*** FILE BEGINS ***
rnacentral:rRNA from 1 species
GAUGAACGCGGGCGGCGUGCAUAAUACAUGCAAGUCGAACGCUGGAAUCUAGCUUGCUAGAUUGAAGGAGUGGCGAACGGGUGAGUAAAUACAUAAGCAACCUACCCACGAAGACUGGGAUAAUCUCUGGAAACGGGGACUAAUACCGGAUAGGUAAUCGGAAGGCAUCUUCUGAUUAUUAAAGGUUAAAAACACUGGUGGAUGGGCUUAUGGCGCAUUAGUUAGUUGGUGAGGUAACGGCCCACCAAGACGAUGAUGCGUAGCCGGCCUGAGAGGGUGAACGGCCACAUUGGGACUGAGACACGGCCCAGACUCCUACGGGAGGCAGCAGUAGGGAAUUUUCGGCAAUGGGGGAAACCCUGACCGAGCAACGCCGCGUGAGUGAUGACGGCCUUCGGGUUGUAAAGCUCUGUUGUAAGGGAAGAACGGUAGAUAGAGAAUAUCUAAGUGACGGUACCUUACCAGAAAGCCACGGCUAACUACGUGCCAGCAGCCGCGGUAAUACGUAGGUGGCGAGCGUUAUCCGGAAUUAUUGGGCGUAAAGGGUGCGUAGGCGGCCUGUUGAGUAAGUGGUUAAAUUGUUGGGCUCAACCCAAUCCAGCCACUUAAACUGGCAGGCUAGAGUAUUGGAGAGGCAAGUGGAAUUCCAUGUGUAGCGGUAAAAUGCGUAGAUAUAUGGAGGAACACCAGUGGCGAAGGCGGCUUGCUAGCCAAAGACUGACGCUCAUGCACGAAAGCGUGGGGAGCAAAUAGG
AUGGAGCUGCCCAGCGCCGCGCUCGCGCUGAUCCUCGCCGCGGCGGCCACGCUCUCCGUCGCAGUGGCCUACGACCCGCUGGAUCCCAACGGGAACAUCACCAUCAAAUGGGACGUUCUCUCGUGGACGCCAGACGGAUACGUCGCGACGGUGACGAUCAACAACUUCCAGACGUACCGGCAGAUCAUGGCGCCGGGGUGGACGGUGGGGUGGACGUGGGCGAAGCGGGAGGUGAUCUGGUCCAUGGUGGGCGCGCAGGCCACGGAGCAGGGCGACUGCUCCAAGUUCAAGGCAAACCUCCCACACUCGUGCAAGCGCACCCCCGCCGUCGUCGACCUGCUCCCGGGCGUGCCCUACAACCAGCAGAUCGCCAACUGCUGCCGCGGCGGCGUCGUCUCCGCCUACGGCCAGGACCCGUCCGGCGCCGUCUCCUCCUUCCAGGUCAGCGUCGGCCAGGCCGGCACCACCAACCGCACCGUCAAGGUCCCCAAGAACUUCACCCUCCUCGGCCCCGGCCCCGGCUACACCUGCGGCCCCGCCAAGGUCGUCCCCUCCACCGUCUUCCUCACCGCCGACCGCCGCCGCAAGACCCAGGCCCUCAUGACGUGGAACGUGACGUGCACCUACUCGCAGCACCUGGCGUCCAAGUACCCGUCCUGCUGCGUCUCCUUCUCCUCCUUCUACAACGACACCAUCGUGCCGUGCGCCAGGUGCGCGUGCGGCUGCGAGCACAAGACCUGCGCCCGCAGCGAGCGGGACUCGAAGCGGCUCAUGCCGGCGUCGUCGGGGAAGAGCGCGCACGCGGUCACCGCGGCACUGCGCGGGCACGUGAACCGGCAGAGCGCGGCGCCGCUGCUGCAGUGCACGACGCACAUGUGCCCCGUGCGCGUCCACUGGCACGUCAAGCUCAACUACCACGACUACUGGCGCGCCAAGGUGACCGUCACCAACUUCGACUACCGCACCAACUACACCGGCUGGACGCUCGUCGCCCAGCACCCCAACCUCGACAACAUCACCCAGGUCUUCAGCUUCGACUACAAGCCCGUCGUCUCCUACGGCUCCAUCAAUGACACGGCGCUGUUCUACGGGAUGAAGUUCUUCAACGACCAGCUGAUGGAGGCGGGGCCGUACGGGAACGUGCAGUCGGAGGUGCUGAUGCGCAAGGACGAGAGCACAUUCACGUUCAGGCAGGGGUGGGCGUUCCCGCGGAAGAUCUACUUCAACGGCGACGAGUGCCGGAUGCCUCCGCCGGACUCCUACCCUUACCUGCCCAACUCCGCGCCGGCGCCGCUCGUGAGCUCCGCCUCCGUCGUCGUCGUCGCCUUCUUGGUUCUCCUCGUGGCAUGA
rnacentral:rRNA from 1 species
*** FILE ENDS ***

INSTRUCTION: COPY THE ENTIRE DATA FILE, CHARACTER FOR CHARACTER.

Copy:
rnacentral:rRNA from 1 species
GAUGAACGCGGGCGGCGUGCAUAAUACAUGCAAGUCGAACGCUGGAAUCUAGCUUGCUAGAUUGAAGGAGUGGCGAACGGGUGAGUAAAUACAUAAGCAACCUACCCACGAAGACUGGGAUAAUCUCUGGAAACGGGGACUAAUACCGGAUAGGUAAUCGGAAGGCAUCUUCUGAUUAUUAAAGGUUAAAAACACUGGUGGAUGGGCUUAUGGCGCAUUAGUUAGUUGGUGAGGUAACGGCCCACCAAGACGAUGAUGCGUAGCCGGCCUGAGAGGGUGAACGGCCACAUUGGGACUGAGACACGGCCCAGACUCCUACGGGAGGCAGCAGUAGGGAAUUUUCGGCAAUGGGGGAAACCCUGACCGAGCAACGCCGCGUGAGUGAUGACGGCCUUCGGGUUGUAAAGCUCUGUUGUAAGGGAAGAACGGUAGAUAGAGAAUAUCUAAGUGACGGUACCUUACCAGAAAGCCACGGCUAACUACGUGCCAGCAGCCGCGGUAAUACGUAGGUGGCGAGCGUUAUCCGGAAUUAUUGGGCGUAAAGGGUGCGUAGGCGGCCUGUUGAGUAAGUGGUUAAAUUGUUGGGCUCAACCCAAUCCAGCCACUUAAACUGGCAGGCUAGAGUAUUGGAGAGGCAAGUGGAAUUCCAUGUGUAGCGGUAAAAUGCGUAGAUAUAUGGAGGAACACCAGUGGCGAAGGCGGCUUGCUAGCCAAAGACUGACGCUCAUGCACGAAAGCGUGGGGAGCAAAUAGG
AUGGAGCUGCCCAGCGCCGCGCUCGCGCUGAUCCUCGCCGCGGCGGCCACGCUCUCCGUCGCAGUGGCCUACGACCCGCUGGAUCCCAACGGGAACAUCACCAUCAAAUGGGACGUUCUCUCGUGGACGCCAGACGGAUACGUCGCGACGGUGACGAUCAACAACUUCCAGACGUACCGGCAGAUCAUGGCGCCGGGGUGGACGGUGGGGUGGACGUGGGCGAAGCGGGAGGUGAUCUGGUCCAUGGUGGGCGCGCAGGCCACGGAGCAGGGCGACUGCUCCAAGUUCAAGGCAAACCUCCCACACUCGUGCAAGCGCACCCCCGCCGUCGUCGACCUGCUCCCGGGCGUGCCCUACAACCAGCAGAUCGCCAACUGCUGCCGCGGCGGCGUCGUCUCCGCCUACGGCCAGGACCCGUCCGGCGCCGUCUCCUCCUUCCAGGUCAGCGUCGGCCAGGCCGGCACCACCAACCGCACCGUCAAGGUCCCCAAGAACUUCACCCUCCUCGGCCCCGGCCCCGGCUACACCUGCGGCCCCGCCAAGGUCGUCCCCUCCACCGUCUUCCUCACCGCCGACCGCCGCCGCAAGACCCAGGCCCUCAUGACGUGGAACGUGACGUGCACCUACUCGCAGCACCUGGCGUCCAAGUACCCGUCCUGCUGCGUCUCCUUCUCCUCCUUCUACAACGACACCAUCGUGCCGUGCGCCAGGUGCGCGUGCGGCUGCGAGCACAAGACCUGCGCCCGCAGCGAGCGGGACUCGAAGCGGCUCAUGCCGGCGUCGUCGGGGAAGAGCGCGCACGCGGUCACCGCGGCACUGCGCGGGCACGUGAACCGGCAGAGCGCGGCGCCGCUGCUGCAGUGCACGACGCACAUGUGCCCCGUGCGCGUCCACUGGCACGUCAAGCUCAACUACCACGACUACUGGCGCGCCAAGGUGACCGUCACCAACUUCGACUACCGCACCAACUACACCGGCUGGACGCUCGUCGCCCAGCACCCCAACCUCGACAACAUCACCCAGGUCUUCAGCUUCGACUACAAGCCCGUCGUCUCCUACGGCUCCAUCAAUGACACGGCGCUGUUCUACGGGAUGAAGUUCUUCAACGACCAGCUGAUGGAGGCGGGGCCGUACGGGAACGUGCAGUCGGAGGUGCUGAUGCGCAAGGACGAGAGCACAUUCACGUUCAGGCAGGGGUGGGCGUUCCCGCGGAAGAUCUACUUCAACGGCGACGAGUGCCGGAUGCCUCCGCCGGACUCCUACCCUUACCUGCCCAACUCCGCGCCGGCGCCGCUCGUGAGCUCCGCCUCCGUCGUCGUCGUCGCCUUCUUGGUUCUCCUCGUGGCAUGA
rnacentral:rRNA from 1 species